Marsy’s Law for Tennessee Honors Joan Berry and Tina Gregg with Champion Of Victims’ Rights Award
Knoxville, Tenn. - Marsy’s Law for Tennessee presented advocates Joan Berry and Tina Gregg of Knoxville with the Champion of Victims’ Rights Award for their decades of hard work and dedication to protecting the rights of crime victims and their families in Tennessee.
“Joan Berry and Tina Gregg could not be more deserving of this honor,” said Marsy’s Law for Tennessee State Director Bonnie Brezina. “Marsy’s Law for Tennessee wanted to recognize their tireless efforts and thank them for advocating for the thousands of survivors and families in Tennessee who fall victim to crime each year.”
Gregg has spent the last decade fighting for stronger protections for victims after her daughter, Brooke Morris, was stalked and murdered by her ex-boyfriend and boss in 2011. Brooke’s mother, Tina, was retraumatized in the months before her daughter’s murderer was convicted. Tina was never notified by local officials when the man accused with her murder left the state. She found out that he was walking the streets from a friend on Facebook, creating fear and anxiety during an already difficult time in her life.
Berry is a long time victims’ rights advocate and mother of Johnia Berry, who was murdered in West Knoxville in 2004. She founded the group “HOPE for Victims” to give a voice to family members who have lost loved ones to crime. In 2007, Berry helped to implement the “Johnia Berry Act 2007” that requires a DNA sample be submitted when a person is arrested for a violent felony.
Berry and Gregg have endorsed Marsy’s Law for Tennessee (House Joint Resolution 44)- a law that will ensure that victims of crime have equal, constitutional rights as those accused and convicted of crimes. Both volunteer their time to educate lawmakers and the public about how the law would benefit crime victims.
“The pain never goes away when you lose a child to crime, but we find comfort in honoring Brooke’s legacy by fighting to make sure the legal system doesn’t add any more pain to victims and their families,” Tina Gregg said. “I’m honored to advocate for Marsy’s Law in Tennessee and appreciate this award.”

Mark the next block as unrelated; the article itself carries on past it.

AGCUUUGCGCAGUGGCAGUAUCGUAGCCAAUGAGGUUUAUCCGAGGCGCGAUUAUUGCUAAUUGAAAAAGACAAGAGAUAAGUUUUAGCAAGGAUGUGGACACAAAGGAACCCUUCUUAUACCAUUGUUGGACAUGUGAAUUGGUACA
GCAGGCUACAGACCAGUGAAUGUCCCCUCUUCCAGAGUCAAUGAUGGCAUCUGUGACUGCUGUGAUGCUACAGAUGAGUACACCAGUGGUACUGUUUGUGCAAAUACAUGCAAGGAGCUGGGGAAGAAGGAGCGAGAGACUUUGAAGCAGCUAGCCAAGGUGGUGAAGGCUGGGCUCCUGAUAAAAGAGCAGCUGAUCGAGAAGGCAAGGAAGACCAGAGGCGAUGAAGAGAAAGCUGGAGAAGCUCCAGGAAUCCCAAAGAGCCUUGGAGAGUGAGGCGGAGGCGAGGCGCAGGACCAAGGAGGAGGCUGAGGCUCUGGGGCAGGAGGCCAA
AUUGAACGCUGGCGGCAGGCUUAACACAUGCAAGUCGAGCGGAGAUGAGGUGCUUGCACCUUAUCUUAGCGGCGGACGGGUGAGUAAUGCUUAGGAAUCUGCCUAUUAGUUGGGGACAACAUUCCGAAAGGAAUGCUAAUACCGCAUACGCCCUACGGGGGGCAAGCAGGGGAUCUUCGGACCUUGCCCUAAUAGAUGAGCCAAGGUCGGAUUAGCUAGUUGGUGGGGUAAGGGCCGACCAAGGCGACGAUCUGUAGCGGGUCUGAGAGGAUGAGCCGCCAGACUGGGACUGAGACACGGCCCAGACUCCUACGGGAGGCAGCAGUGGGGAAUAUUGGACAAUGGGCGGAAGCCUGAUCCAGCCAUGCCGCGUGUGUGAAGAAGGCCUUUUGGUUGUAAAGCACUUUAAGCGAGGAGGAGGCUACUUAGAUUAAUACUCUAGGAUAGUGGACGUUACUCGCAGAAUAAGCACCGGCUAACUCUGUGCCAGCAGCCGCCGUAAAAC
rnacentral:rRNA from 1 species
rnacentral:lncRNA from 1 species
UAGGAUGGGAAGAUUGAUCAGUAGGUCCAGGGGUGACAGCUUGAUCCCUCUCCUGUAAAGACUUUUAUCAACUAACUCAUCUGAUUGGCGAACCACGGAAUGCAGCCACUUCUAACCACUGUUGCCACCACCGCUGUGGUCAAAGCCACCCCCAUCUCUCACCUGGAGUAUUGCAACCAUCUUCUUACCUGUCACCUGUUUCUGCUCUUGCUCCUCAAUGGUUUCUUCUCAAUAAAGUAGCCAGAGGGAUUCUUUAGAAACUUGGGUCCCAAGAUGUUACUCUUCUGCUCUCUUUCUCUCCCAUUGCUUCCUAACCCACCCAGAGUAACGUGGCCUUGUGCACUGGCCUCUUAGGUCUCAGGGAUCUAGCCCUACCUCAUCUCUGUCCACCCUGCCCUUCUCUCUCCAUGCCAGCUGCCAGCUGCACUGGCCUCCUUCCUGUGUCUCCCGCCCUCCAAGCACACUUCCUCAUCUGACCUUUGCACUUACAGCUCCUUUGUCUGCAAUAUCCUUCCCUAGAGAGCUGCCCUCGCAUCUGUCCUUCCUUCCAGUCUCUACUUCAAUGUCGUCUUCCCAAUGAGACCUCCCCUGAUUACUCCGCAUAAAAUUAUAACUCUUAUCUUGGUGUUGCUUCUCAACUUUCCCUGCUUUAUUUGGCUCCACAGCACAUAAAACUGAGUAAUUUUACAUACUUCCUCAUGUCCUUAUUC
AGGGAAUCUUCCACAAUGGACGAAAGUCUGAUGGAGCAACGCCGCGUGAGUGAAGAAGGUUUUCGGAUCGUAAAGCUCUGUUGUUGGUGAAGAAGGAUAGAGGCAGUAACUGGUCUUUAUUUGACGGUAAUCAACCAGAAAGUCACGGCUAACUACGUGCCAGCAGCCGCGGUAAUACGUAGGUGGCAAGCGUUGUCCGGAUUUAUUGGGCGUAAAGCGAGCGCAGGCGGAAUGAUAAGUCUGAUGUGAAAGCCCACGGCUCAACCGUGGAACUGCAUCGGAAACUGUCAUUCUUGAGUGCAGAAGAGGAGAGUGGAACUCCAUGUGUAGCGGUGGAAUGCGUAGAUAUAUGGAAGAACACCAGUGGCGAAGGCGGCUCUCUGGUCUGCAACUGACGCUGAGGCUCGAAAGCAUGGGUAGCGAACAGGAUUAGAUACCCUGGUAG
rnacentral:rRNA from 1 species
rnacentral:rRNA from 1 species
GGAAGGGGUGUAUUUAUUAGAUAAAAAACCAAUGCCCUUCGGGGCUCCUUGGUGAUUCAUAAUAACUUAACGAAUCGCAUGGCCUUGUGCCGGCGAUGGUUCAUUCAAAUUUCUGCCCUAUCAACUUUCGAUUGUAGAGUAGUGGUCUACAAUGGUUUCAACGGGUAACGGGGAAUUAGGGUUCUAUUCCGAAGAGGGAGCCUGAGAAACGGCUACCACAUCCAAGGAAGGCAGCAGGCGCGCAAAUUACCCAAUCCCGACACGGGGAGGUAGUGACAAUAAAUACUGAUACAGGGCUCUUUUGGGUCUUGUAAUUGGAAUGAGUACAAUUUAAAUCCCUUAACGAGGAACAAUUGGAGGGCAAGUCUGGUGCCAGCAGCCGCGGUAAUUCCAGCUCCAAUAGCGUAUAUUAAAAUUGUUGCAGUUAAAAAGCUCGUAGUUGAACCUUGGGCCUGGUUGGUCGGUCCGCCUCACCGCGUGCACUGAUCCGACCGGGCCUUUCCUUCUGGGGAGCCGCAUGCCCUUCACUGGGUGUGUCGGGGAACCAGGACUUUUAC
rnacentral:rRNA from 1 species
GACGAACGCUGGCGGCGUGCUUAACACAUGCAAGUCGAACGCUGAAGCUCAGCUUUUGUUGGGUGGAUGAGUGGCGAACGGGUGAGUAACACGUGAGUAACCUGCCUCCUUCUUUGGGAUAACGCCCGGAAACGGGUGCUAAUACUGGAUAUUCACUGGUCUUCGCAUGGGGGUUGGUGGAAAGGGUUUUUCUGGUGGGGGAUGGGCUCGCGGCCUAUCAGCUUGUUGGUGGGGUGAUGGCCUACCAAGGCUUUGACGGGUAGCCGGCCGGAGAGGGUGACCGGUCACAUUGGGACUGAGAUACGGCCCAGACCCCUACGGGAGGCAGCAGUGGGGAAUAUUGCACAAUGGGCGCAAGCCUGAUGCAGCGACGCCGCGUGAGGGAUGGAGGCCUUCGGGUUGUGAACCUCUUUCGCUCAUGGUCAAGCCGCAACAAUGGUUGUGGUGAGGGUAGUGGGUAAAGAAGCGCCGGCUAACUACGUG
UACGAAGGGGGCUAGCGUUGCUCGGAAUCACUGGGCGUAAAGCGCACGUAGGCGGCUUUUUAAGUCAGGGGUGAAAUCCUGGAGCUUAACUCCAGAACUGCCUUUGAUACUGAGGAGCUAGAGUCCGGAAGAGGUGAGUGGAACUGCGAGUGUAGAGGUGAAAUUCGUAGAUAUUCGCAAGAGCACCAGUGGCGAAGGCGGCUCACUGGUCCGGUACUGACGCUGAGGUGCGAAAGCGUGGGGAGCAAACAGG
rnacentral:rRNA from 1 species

“I’m grateful for this recognition and will continue to advocate for Marsy’s Law and for crime victims and their families,” said Joan Berry. “We must do all we can to ensure crime victims have equal rights and a voice in our legal system.”
Adopting Marsy’s Law in Tennessee will provide victims with the ability to assert the critical rights to which they are promised including:
- The right to be treated with fairness for the victim's safety, dignity, and privacy;
- The right, upon request, to reasonable and timely notice of, and to be present at, all criminal public proceedings and all juvenile delinquency proceedings involving the accused;
- The right to be heard in any proceeding involving release, plea, sentencing, disposition, and parole, as well as any public proceeding when relevant during which a right of the victim is implicated;
- The right to be free from harassment, intimidation, and abuse throughout the criminal justice system, including reasonable protection from the accused or any person acting on behalf of the accused;
- The right, upon request, to reasonable notice of any release, transfer, or escape of the accused or convicted person;
- The right to full and timely restitution from the offender;
- The right to a speedy trial or disposition and a prompt and final conclusion of the case after the conviction or sentence;
- The right, upon request, to confer with the prosecution;
- The right to be fully informed of all rights afforded to crime victims.
For more information, visit marsyslawfortn.com.
Marsy’s Law is named after Marsalee “Marsy” Nicholas of California who was stalked and killed by her ex-boyfriend in 1983. Only one week after her death, Marsy’s mother and brother, Henry T. Nicholas, walked into a grocery store where they were confronted by the accused murderer. The family, who had just come from a visit to Marsy’s grave, was unaware that the accused had been released on bail.
In an effort to honor his sister, Dr. Nicholas has made it his mission to give victims and their families constitutional protections and equal rights. He formed Marsy’s Law for All in 2009, providing expertise and resources to victims’ rights organizations nationwide.
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